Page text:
But, as the Covid pandemic is passing, people have started to realize the importance of plant-based, animal-free diet. There has been a visible positive behavioral change in the nutritional habits of people around the world, such as a shift in eating habits especially among urban populations, who generally (pre-COVID) tend to consume more processed fast foods. Trends, including a return to home cooking and baking, an increase in demand for organic, plant-based, vegan and vegetarian foods and a reduction in demand for what are perceived as more exotic foods. A recent consumer research study in the UK indicated that during the pandemic, vegan diets became more appealing to over 12% of British consumers, with a quarter of young millennial (aged 21-30) being significantly more attracted to a vegan diet.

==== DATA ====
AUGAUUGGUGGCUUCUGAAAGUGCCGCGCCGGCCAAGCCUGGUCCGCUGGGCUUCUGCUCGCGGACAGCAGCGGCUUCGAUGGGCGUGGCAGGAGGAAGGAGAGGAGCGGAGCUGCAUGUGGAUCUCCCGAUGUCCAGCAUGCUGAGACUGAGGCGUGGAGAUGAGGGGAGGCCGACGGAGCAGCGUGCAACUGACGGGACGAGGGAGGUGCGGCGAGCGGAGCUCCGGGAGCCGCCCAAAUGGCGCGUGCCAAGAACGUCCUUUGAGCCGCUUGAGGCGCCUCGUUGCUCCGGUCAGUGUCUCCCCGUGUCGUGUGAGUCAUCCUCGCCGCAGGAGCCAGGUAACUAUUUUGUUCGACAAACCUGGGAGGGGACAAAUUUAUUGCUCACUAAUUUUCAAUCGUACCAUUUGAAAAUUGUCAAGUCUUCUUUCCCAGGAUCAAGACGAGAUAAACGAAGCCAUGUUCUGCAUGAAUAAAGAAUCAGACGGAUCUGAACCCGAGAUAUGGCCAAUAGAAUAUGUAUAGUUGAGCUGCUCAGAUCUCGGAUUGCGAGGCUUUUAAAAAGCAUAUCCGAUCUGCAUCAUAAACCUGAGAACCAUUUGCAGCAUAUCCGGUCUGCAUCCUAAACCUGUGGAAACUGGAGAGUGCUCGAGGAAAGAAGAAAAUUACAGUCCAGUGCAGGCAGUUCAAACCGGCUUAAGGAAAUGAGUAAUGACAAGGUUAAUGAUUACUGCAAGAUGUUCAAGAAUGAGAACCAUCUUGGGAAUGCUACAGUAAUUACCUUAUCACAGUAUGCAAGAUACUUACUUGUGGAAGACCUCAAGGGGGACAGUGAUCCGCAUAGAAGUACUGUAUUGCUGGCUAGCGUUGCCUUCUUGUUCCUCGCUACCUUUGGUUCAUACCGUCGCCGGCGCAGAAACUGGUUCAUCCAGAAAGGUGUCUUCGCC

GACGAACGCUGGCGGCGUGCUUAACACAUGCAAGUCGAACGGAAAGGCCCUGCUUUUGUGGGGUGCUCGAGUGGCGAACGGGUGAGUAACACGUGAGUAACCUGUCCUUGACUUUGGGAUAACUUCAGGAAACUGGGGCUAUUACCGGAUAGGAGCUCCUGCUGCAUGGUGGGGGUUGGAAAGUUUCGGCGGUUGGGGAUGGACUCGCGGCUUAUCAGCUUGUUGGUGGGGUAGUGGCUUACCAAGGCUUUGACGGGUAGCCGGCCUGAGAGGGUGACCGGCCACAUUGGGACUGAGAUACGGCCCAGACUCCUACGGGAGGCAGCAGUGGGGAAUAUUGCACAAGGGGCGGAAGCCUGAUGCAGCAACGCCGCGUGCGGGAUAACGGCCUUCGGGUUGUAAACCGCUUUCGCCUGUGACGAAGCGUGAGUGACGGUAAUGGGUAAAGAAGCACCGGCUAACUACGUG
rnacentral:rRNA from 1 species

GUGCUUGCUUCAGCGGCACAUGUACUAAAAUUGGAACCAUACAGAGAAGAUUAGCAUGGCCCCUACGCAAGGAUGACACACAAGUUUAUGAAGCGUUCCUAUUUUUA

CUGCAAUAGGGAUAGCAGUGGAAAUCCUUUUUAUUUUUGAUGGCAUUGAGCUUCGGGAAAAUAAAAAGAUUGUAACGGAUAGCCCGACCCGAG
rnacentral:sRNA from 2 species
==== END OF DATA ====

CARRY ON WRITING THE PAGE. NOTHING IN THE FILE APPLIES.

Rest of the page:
Talking in long terms, there has been a noticeable change in meat and dairy consumers too. A UN Consumer Survey Report states that people in countries like China, India, Brazil, US, UK and the EU bloc hold an increase in awareness of climate change and its impact with a willingness to give up dairy and fish products. Greenhouse gas emissions from the UK agricultural industry have fallen by more than 20 per cent since 1990. But these are just the initial numbers and we have a long path to travel.

It is quite disappointing that it takes pandemics like these to make us aware about our food habits and their health impacts. People have started to re-think their food priorities as our food choices can have an impact on emissions as well as on environment and bio-diversity. With proper choice of diet, we can add to the idea of sustainable development and make this world a far better place to live, for all living-beings.